It will be used in a research programme to investigate the generation of waves by the Southern Alps and their role in linking the weather near the ground with the upper parts of the atmosphere, resulting in vertical movement of energy and gases through the Earth-atmosphere system, and ultimately their influence on climate variability.

``The findings will help scientists determine where and when greenhouse gases move vertically through the different layers of the atmosphere. This will lead to improved predictions about greenhouse gases and enable decisions to be made about their emissions, concentrations and future climate, Professor Sturman says.

``The American team will be flying the research jet out of Christchurch airport during June and July, covering large distances over the Tasman Sea, Southern Ocean and the Pacific Ocean so that the extent of the influence of the Southern Alps can be determined.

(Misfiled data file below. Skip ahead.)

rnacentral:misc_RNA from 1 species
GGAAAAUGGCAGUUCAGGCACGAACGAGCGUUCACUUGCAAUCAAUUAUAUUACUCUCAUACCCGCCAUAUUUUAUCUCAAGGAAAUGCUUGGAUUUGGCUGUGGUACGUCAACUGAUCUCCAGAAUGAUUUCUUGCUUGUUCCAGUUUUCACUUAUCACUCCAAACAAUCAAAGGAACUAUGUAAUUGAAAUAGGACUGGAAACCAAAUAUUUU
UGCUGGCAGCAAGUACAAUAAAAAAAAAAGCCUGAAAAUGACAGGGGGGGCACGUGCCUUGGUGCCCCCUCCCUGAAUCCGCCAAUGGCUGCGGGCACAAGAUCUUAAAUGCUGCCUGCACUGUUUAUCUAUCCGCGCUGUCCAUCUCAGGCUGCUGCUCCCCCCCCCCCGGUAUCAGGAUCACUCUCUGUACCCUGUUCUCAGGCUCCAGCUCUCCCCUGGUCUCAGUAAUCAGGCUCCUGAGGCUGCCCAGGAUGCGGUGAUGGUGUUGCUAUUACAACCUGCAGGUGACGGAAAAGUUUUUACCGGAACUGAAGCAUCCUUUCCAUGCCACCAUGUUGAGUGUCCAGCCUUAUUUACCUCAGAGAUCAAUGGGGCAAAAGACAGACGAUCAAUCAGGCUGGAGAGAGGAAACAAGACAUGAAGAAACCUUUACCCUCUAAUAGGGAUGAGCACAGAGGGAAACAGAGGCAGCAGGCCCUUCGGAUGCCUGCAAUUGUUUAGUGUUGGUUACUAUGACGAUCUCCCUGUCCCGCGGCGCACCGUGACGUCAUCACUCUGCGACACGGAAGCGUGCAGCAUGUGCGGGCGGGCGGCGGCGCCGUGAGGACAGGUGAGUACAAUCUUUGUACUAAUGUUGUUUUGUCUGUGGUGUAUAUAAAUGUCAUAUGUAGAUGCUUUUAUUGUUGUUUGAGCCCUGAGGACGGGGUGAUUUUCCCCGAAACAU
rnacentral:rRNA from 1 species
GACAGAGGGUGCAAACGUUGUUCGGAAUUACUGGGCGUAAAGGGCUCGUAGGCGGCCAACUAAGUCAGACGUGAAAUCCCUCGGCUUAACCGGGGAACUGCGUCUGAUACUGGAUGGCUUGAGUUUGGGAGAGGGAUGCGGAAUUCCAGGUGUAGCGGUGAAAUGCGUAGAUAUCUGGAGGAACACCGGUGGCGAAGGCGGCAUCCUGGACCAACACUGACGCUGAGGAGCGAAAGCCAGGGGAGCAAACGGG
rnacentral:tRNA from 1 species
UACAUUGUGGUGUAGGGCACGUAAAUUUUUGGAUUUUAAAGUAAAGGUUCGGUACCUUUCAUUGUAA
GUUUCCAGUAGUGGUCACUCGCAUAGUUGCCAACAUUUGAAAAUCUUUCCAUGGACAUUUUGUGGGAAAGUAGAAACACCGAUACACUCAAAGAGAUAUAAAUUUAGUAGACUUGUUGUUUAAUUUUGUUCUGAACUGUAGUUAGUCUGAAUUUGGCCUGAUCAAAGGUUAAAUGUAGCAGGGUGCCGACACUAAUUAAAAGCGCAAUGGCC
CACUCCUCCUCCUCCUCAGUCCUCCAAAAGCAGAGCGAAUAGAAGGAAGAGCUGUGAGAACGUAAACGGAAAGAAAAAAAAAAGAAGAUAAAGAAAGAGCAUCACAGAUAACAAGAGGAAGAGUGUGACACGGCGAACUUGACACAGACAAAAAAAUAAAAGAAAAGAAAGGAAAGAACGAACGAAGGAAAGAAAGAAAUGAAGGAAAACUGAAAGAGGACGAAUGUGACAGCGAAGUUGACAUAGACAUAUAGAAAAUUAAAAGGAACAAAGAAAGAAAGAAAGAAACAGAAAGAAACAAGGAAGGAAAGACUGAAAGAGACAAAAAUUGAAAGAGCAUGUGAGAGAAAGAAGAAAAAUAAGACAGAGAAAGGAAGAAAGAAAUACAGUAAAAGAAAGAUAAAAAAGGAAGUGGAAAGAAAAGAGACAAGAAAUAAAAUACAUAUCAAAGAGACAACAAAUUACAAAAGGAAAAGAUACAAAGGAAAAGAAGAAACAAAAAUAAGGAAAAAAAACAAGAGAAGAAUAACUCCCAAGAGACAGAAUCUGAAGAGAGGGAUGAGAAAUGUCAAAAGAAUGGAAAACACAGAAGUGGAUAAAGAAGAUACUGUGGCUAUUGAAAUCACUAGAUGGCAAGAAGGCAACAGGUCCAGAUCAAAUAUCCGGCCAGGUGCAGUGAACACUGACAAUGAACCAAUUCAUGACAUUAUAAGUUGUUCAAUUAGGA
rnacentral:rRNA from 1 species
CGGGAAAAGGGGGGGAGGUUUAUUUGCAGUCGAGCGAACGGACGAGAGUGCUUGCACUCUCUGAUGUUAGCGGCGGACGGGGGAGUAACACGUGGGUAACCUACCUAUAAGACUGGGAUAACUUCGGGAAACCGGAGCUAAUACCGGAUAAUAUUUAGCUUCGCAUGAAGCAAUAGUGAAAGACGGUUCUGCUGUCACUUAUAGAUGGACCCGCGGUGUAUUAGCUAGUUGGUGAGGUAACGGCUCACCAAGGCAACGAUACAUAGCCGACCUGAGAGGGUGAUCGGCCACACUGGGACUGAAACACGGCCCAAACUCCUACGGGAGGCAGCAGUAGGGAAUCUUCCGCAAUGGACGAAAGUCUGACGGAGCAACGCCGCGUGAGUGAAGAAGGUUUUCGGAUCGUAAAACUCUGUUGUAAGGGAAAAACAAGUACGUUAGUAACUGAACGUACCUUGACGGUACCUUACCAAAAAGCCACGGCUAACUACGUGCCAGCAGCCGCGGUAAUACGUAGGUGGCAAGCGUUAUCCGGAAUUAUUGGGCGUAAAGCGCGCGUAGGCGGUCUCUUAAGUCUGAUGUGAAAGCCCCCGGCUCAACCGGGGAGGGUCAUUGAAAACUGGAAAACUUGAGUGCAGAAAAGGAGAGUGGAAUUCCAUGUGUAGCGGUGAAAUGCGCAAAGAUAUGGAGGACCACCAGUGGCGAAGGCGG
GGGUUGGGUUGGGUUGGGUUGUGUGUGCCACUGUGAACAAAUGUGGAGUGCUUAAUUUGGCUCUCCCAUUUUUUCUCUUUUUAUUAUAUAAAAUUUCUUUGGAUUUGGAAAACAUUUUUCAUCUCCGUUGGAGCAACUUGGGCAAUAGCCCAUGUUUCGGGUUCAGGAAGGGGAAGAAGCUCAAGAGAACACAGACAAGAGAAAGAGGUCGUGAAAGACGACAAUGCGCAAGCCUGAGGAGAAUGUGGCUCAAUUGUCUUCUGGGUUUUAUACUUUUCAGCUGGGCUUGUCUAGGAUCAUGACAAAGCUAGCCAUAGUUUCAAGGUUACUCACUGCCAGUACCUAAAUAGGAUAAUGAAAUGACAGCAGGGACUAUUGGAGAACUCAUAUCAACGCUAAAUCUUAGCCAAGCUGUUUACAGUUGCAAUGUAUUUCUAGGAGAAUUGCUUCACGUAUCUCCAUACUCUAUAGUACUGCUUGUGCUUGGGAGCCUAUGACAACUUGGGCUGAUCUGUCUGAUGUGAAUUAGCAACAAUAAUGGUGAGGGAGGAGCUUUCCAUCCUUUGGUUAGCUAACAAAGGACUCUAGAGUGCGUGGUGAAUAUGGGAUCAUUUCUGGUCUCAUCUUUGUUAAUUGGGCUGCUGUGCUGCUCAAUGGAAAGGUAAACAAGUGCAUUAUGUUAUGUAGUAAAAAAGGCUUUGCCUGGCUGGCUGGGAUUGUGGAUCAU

``The public will be able to take a look at the aircraft at an open day at Christchurch airport on June 21. A German team will be flying another research aircraft, the DLR Falcon, from mid-June to mid-July as part of the same project,’’ Professor Sturman says.

ends

© Scoop Media

 
 
 
 
 
Culture Headlines | Health Headlines | Education Headlines

 
Werewolf: Katniss Joins The News Team

From the outset, the Hunger Games series has dwelt obsessively on the ways that media images infiltrate our public and personal lives... From that grim starting point, Mockingjay Part One takes the process a few stages further. There is very little of the film that does not involve the characters (a) being on screens (b) making propaganda footage to be screened and (c) reacting to what other characters have been doing on screens. More>>

ALSO:

Scoop Review Of Books: Ko Witi Te Kaituhituhi

Witi Ihimaera, the distinguished Māori author and the first Māori to publish a book of short stories and a novel, has adopted a new genre with his latest book. But despite its subtitle, this book is a great deal more than a memoir of childhood. More>>